On the ensuing kickoff, Seattle's Jermaine Kearse fumbled the ball to Tampa Bay, so the Bucs were set up at the Seahawks 31-yard line. Glennon threw a bullet to Wright for 27 yards for the next play. On the following snap, Mike James threw a jump pass to Tom Crabtree for a touchdown. Filling in for Doug Martin, James (28-158) was awesome for the Bucs. He ripped up the Seattle defense all day, while Tampa Bay's offensive line had a superb performance in run blocking against the Seahawks' front seven.
Down 21-0, Seattle woke up with a 16-yard run from Wilson. A facemask on Gerald McCoy and a pass interference on Michael Adams moved the ball inside the 20. Wilson hit Kearse (2-43) for a 16-yard touchdown and cut the Bucs lead to 21-7.
Glennon and James kept things going early in the third quarter to lead Tampa Bay on a field goal drive. After that, the Seahawks' defense shut down the Bucs' offense. Wilson responded with some of his highlight-reel scrambling plays. He made a big throw to convert a third down to Golden Tate (3-29) for 19 yards. Wilson dodged a sack and got 19 more yards on a completion to Doug Baldwin (6-75). Wilson then ran the ball into the end zone on 10-yard run off the read option.
At the end of the third quarter, Tate fielded a punt inside the 5-yard line and broke a bunch of tackles to rip off a 71-yard return into Tampa Bay territory. That led to a field goal and cut the Bucs' lead to 24-17. Wilson soon burned a blitz for a 28-yard reception to Baldwin. Kearse made a phenomenal leaping catch for 27-yards to Tampa Bay's three-yard line, but Wilson threw an ill-advised pass into a crowd that was picked off by Keith Tandy.
The Seattle defense forced a three-and-out, so Wilson had another shot. He hit Zach Miller (3-49) for 26 yards. That set up a 10-yard touchdown strike to Baldwin to tie the game at 24 with just under two minutes remaining. The Seahawks' defense then did their job to force overtime. After a Bucs' punt to start the extra period, Marshawn Lynch (21-125) had some good runs including a 14-yarder to convert a third down. He powered the ball down to the 6-yard line, and that set up the game-winning 27-yard field goal for Seattle.
Wilson finished the day 19-of-26 for 217 yards with two touchdowns and two interceptions. He ran for 36 yards and a score. Wilson had some mistakes but was clutch as usual.
Barron had an excellent game for Tampa Bay. McCoy went down with a leg injury in overtime, which could be serious. Once again, the Bucs' defensive line was held without a sack and the lack of pass rush without blitzing continues to hurt Tampa Bay.
Glennon completed 17-of-23 for 168 yards with two touchdowns. He protected the ball well and was excellent in the first half, but seemed to get gun shy late in the game. Vincent Jackson (2-11) was shut down by Brandon Browner and Richard Sherman.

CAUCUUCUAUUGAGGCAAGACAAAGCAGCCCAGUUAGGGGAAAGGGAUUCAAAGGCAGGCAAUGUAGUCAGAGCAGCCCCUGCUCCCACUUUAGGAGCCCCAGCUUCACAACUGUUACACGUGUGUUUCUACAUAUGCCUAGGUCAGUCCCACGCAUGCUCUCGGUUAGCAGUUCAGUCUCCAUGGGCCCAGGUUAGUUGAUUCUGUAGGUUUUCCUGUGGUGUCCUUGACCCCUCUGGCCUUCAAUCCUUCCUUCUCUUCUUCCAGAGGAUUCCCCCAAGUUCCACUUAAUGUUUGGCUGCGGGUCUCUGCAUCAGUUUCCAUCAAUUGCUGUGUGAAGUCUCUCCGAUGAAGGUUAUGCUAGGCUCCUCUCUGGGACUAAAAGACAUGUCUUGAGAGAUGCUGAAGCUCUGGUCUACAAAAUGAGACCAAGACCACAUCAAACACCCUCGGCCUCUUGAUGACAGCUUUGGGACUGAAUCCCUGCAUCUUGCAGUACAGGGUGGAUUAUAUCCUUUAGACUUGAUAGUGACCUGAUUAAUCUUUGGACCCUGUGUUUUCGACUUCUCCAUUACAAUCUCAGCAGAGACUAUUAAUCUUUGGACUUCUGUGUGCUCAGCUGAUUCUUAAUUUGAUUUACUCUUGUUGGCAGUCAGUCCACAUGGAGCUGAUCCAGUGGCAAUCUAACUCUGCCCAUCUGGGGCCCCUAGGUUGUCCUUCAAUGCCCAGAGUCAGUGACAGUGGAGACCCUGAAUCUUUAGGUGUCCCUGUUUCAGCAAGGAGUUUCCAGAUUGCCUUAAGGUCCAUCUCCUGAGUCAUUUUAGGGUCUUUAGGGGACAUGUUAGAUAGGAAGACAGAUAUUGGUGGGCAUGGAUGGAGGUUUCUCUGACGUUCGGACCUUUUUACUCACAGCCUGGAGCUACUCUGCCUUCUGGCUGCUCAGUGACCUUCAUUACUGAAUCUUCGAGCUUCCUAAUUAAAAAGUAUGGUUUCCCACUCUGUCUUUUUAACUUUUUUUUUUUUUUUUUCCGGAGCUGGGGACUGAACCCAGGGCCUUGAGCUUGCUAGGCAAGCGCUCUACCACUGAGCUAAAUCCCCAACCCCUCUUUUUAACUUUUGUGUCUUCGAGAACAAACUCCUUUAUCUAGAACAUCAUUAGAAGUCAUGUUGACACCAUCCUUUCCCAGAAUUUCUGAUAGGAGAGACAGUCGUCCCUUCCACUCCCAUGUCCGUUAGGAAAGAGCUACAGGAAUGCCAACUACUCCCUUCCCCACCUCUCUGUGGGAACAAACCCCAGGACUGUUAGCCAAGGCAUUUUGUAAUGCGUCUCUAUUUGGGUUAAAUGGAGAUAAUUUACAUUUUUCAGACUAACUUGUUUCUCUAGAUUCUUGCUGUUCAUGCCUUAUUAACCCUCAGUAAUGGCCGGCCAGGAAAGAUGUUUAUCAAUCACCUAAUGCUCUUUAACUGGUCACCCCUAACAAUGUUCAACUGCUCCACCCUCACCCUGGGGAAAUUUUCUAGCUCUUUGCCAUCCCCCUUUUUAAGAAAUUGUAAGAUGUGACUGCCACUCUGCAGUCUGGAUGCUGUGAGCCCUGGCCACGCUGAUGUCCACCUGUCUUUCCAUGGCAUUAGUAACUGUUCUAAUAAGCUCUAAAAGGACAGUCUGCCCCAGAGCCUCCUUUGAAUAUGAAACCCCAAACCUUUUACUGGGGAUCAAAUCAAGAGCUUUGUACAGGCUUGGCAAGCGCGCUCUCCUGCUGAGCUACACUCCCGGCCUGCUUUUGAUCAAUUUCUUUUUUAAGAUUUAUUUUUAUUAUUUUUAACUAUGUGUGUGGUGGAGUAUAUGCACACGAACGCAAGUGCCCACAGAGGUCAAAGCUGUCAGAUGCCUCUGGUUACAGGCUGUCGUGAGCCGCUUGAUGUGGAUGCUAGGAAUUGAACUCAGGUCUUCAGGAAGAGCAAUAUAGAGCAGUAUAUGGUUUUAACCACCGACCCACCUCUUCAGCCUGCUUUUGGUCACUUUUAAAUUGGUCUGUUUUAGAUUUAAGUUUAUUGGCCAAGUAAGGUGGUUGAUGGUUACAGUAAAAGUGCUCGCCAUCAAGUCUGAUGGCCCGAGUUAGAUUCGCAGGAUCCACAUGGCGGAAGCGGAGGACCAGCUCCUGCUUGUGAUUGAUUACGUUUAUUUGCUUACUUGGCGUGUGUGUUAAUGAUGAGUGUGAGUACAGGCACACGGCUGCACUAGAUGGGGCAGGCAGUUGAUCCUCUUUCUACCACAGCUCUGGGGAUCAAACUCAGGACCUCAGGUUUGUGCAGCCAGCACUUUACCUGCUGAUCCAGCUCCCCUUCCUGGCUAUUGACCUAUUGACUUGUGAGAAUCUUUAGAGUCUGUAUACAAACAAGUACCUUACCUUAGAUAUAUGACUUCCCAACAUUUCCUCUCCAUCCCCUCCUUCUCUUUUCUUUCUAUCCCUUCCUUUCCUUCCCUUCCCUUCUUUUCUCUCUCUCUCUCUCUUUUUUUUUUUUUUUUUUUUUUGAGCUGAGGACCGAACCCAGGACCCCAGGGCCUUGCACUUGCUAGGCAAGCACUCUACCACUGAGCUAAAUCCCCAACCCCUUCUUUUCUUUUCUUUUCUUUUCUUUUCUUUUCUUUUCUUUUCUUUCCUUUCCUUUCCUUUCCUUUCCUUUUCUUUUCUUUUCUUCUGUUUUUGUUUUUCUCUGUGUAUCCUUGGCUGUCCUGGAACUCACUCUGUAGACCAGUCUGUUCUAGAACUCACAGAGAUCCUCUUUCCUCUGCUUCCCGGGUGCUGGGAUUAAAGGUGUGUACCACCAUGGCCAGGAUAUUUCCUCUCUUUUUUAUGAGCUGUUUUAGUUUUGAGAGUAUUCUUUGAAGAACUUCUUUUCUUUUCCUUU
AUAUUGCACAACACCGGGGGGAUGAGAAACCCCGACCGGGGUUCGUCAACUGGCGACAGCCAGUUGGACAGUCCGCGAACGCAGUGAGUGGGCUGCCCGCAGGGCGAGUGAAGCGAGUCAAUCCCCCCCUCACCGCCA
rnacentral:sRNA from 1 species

The Seahawks' run defense was awful. The secondary struggled in the first half, but bounced back to play lights out in the second half. Bobby Wagner, Michael Bennett and Cliff Avril had sacks for Seattle. Earl Thomas (12 tackles) played really well with some clutch tackles to keep James from breaking some long runs.
The Seahawks' offensive line has been dealing with a lot of injuries, and to make the situation worse, center Max Unger went out with a concussion.
Browns 24, Ravens 18
Greg Little and Davone Bess have been highly criticized all year. Little has had trouble hanging on to the ball and running correct routes. Bess, meanwhile, has been even worse in terms of drops. He also muffed a punt last week that cost Cleveland a victory last week at Kansas City. However, both were inexplicably outstanding in this upset victory over the old Browns' franchise.
Little opened up with a difficult 32-yard reception on the second drive, which ultimately culminated with a touchdown that Bess caught as he was falling down. It was the same thing in the second quarter, as Little made another tough catch, but was whistled for taunting. Bess once again would find the end zone a bit later, as he broke Lardarius Webb's ankles. This pattern continued in the final quarter. Little hauled in a 46-yard gain, which was yet again followed by a Bess reception - this one he made diving as Jason Campbell threw late across his body. Unreal.
Little finished with a team-high seven catches for 122 yards, while Bess had three grabs for 24 yards and the pair of scores. It seemed like the Ravens' defense decided to ignore them because they sucked all year, instead concentrating on Josh Gordon (3-44) and Jordan Cameron (1-4). That obviously turned out to be a flawed strategy.
With Little and Bess making circus catches the entire afternoon, Campbell finished 23-of-35 for 262 yards and three touchdowns (the other was to Gary Barnidge). He missed one drive with injured ribs that he sustained on a hit from Haloti Ngata, but he reentered the contest and was extremely effective.
The Cleveland coaches told the media during the week that they wanted to give more carries to Chris Ognonnaya and Fozzy Whittaker. Well, they didn't live up to their word, as the two combined for only 10 touches. By comparison, Willis McGahee gained only 31 yards on 21 carries. McGahee can barely move, so I have no idea why he's handling such a big workload.
Speaking of being unable to run the ball, Ray Rice managed just 17 yards on 11 carries. It's not only him; Bernard Pierce's numbers were also terrible (6-11). The offensive line simply can't open up any holes. The main culprit is the center. Ray Lewis and Ed Reed are gone, but Baltimore also really misses the retired Matt Birk.